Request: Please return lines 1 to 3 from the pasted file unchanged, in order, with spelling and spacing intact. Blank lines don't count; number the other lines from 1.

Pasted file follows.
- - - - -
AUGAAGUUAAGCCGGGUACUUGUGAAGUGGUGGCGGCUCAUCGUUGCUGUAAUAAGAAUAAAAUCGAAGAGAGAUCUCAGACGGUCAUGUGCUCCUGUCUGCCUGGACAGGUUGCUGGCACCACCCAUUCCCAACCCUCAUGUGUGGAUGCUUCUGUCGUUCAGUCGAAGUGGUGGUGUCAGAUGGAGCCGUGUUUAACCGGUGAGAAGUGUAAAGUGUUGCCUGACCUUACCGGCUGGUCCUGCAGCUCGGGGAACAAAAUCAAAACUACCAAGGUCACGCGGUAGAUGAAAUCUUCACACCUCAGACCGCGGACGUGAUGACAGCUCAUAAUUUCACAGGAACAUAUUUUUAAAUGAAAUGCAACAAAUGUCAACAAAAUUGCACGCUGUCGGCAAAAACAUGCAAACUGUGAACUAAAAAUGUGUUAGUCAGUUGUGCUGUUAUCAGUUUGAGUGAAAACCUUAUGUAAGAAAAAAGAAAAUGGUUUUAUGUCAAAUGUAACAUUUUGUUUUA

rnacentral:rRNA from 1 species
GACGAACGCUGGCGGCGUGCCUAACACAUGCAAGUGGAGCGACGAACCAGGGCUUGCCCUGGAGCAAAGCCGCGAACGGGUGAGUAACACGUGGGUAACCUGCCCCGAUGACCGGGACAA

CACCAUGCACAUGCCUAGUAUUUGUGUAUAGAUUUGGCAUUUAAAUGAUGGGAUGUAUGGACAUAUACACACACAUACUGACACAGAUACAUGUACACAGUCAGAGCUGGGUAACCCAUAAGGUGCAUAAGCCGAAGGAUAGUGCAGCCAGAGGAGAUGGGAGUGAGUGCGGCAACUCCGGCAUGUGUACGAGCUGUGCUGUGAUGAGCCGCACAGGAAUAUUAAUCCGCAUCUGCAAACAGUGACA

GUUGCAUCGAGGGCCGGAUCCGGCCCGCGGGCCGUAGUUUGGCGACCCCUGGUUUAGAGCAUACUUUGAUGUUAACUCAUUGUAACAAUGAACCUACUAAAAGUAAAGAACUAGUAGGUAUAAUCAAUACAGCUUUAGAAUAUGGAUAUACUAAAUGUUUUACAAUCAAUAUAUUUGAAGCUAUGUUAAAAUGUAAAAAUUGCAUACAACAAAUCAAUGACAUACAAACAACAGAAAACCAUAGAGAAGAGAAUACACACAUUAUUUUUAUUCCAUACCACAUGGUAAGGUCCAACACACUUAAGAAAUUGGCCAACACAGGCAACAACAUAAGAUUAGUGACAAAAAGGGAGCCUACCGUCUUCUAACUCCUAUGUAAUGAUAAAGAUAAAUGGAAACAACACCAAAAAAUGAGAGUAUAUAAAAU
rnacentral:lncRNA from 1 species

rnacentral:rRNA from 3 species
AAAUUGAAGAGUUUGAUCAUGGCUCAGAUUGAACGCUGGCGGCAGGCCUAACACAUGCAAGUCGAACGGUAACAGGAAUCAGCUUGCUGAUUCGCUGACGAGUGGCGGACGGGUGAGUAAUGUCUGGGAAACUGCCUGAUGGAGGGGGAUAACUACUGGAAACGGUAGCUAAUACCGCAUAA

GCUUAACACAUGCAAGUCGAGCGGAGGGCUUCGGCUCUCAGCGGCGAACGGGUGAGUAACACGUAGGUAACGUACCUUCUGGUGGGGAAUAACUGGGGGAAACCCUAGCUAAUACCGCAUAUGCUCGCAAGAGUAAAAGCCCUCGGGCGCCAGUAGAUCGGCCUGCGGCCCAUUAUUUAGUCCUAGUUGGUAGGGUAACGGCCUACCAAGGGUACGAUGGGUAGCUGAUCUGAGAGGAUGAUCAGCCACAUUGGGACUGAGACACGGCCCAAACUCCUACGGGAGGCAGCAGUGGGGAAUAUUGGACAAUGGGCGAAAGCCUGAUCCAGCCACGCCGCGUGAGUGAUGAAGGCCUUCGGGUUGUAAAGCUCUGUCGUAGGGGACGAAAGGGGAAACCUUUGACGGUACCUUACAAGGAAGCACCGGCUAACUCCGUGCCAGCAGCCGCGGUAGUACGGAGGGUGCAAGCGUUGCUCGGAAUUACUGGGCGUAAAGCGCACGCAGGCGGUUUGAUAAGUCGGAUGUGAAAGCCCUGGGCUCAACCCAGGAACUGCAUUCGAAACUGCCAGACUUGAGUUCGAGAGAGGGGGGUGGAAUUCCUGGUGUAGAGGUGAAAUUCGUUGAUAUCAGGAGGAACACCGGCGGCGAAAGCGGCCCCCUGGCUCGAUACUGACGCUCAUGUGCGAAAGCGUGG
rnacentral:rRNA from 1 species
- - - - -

AUGAAGUUAAGCCGGGUACUUGUGAAGUGGUGGCGGCUCAUCGUUGCUGUAAUAAGAAUAAAAUCGAAGAGAGAUCUCAGACGGUCAUGUGCUCCUGUCUGCCUGGACAGGUUGCUGGCACCACCCAUUCCCAACCCUCAUGUGUGGAUGCUUCUGUCGUUCAGUCGAAGUGGUGGUGUCAGAUGGAGCCGUGUUUAACCGGUGAGAAGUGUAAAGUGUUGCCUGACCUUACCGGCUGGUCCUGCAGCUCGGGGAACAAAAUCAAAACUACCAAGGUCACGCGGUAGAUGAAAUCUUCACACCUCAGACCGCGGACGUGAUGACAGCUCAUAAUUUCACAGGAACAUAUUUUUAAAUGAAAUGCAACAAAUGUCAACAAAAUUGCACGCUGUCGGCAAAAACAUGCAAACUGUGAACUAAAAAUGUGUUAGUCAGUUGUGCUGUUAUCAGUUUGAGUGAAAACCUUAUGUAAGAAAAAAGAAAAUGGUUUUAUGUCAAAUGUAACAUUUUGUUUUA

rnacentral:rRNA from 1 species
GACGAACGCUGGCGGCGUGCCUAACACAUGCAAGUGGAGCGACGAACCAGGGCUUGCCCUGGAGCAAAGCCGCGAACGGGUGAGUAACACGUGGGUAACCUGCCCCGAUGACCGGGACAA